Columbia University to Cut Ties With Private Prison Industry

By Kenrya Rankin Jun 23, 2015

On Monday June 22, the Columbia University Board of Trustees decided to pull endowment funds out of the private prison industry and enact a policy that will block future investment in any company that operates lockups. Organizers say it’s the first American institution of higher learning to make that move.

The ruling came after 16 months of pressure from Students Against Mass Incarceration, a black student-led campus group with the aim of abolishing prisons. After discovering in late 2013 that Columbia had $10 million invested in two for-profit prison companies—Corrections Corporation of America and G4S Secure Solutions USA—the group launched Columbia Prison Divest, a relentless campaign of advocacy and protest to sway university president Lee Bollinger and trustees to divest.  Their campaign drew support from students in all 26 of the university’s undergraduate and graduate schools along the way.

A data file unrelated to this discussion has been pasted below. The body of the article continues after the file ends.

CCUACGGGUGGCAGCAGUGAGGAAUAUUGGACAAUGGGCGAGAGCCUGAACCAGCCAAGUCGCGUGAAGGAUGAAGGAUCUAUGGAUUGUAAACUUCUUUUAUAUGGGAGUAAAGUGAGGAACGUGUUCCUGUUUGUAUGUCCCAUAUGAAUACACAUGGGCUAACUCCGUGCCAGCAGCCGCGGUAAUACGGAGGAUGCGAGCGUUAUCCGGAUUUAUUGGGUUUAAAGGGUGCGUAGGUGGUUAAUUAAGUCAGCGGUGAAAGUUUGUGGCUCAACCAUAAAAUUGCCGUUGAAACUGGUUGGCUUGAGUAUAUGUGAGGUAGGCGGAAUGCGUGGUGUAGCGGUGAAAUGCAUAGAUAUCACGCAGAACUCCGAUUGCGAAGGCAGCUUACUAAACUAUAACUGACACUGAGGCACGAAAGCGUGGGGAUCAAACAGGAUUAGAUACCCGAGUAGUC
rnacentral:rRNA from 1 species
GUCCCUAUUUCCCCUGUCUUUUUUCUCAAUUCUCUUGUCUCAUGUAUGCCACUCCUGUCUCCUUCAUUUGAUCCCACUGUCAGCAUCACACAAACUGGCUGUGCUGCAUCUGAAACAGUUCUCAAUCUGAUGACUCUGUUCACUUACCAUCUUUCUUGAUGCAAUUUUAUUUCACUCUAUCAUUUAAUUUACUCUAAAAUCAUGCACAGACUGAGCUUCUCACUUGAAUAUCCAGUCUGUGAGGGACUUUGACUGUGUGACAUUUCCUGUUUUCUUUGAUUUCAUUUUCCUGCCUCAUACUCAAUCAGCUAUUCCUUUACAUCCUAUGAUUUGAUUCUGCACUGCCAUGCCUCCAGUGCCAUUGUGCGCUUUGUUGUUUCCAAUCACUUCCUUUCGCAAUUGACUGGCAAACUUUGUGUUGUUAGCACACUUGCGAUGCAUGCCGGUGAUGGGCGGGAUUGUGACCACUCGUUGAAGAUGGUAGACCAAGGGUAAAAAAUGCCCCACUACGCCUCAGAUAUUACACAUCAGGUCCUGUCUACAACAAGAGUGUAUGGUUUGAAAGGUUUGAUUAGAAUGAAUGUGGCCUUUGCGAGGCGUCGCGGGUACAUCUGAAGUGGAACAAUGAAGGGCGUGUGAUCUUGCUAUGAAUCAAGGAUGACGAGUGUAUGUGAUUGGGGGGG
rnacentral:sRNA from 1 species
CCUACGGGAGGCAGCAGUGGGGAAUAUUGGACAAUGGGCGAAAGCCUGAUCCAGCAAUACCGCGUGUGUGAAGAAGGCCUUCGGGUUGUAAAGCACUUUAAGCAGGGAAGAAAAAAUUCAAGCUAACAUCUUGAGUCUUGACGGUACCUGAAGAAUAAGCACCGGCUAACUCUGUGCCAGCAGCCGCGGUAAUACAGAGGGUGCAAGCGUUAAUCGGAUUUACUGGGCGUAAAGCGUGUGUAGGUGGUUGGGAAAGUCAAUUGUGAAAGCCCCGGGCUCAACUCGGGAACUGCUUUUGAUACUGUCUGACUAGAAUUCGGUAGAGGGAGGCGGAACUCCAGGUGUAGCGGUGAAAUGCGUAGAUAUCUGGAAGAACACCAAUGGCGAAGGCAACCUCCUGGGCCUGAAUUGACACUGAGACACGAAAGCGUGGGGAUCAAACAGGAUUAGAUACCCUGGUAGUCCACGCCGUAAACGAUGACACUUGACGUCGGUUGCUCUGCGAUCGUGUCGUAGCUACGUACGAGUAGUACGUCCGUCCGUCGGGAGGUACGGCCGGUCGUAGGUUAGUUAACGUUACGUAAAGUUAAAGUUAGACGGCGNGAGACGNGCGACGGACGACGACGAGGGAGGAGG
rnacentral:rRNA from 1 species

From the University of Central Florida to the City University of New York there are similar campaigns operating on campuses around the country. Click through to learn more about the National Prison Divestment Campaign.